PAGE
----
The Volokh Conspiracy
Mostly law professors | Sometimes contrarian | Often libertarian | Always independent
In this guestless episode, Michael Vatis, Markham Erickson, and Nick Weaver join me to explore the intense jockeying that led to passage of S. 139 and gave section 702 of FISA a new lease on life. The administration team responsible for shepherding the bill did well, weathering the President's tweets, providing a warrant process for backend searches that will likely be used once a year if that, and—almost without anyone noticing—pulling the unmasking reform provisions from the bill and substituting an ODNI rule. Why? My guess is that dropping unmasking from the bill was a bargaining chip that made it easier for Dems to vote yea; if so, it worked.
And just in time, as the days after passage brought new whiffs of scandal, from the four-page House Republican memo alleging improprieties in the FBI's application for a FISA wiretap on a Trump campaign hanger-on to two cases in which the FBI and NSA destroyed evidence they were supposed to be preserving. Michael Vatis and I cross sword over whether the FISA abuse memo is worth taking seriously or just partisan flak.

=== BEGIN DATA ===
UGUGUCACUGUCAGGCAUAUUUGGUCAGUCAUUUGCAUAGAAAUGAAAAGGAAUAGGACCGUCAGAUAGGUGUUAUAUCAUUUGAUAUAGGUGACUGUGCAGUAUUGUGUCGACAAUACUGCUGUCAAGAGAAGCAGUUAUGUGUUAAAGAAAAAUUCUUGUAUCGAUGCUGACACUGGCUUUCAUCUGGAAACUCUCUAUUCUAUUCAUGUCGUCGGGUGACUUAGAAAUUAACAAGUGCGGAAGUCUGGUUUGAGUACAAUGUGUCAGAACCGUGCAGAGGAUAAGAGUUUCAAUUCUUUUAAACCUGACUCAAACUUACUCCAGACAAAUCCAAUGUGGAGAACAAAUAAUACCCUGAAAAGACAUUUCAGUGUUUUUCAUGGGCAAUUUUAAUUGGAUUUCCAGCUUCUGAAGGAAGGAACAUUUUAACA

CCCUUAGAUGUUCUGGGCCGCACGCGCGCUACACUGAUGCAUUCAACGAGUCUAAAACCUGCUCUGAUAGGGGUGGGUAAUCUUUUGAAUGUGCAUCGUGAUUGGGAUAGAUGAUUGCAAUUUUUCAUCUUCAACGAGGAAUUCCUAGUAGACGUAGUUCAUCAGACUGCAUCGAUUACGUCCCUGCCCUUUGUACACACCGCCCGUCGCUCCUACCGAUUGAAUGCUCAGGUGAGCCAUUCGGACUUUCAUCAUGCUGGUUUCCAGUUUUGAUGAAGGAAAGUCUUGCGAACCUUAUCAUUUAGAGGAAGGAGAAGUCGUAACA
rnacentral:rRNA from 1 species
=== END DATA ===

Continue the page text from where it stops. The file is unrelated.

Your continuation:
Nick and I delve into the gigabytes of hacked data mislaid by another player in the phone hacking game – Lebanese intelligence. Nick wonders if the data was obtained by EFF or Lookout violating the Computer Fraud and Abuse Act. I suspect it may have been, but that EFF ain't talking because it doesn't want to legitimize such hacking for those whose motives aren't Certified Pure by Civil Society (TM).
The first known death by SWAT-ing has yielded charges; the egregious SWAT-er for hire, SWauTistic, has been charged with involuntary manslaughter. Hard to argue with that.
Scariest news of the week? Electric system malware is getting remarkably sophisticated, and common.
The Microsoft Ireland case will be argued next month, and there are dozens of amici briefs, including one by our own Michael Vatis, who lays out his direct appeal to Justice Gorsuch's property-based view of the fourth amendment.
Matt Green (and Nick Weaver) have some questions for Apple about moving its China iCloud data to a third party Chinese cloud provider. I've got one too. If treating Taiwan as a separate country from China leads to humiliating penalties for Western companies, and it does, has China prohibited Apple from storing Taiwanese and Hong Kong user data outside China?
And, for once on the podcast: a sweet life-long love story, spelled out cryptographically.
As always The Cyberlaw Podcast is open to feedback. Send your questions, suggestions for interview candidates or topics to CyberlawPodcast@steptoe.com or leave a message at +1 202 862 5785.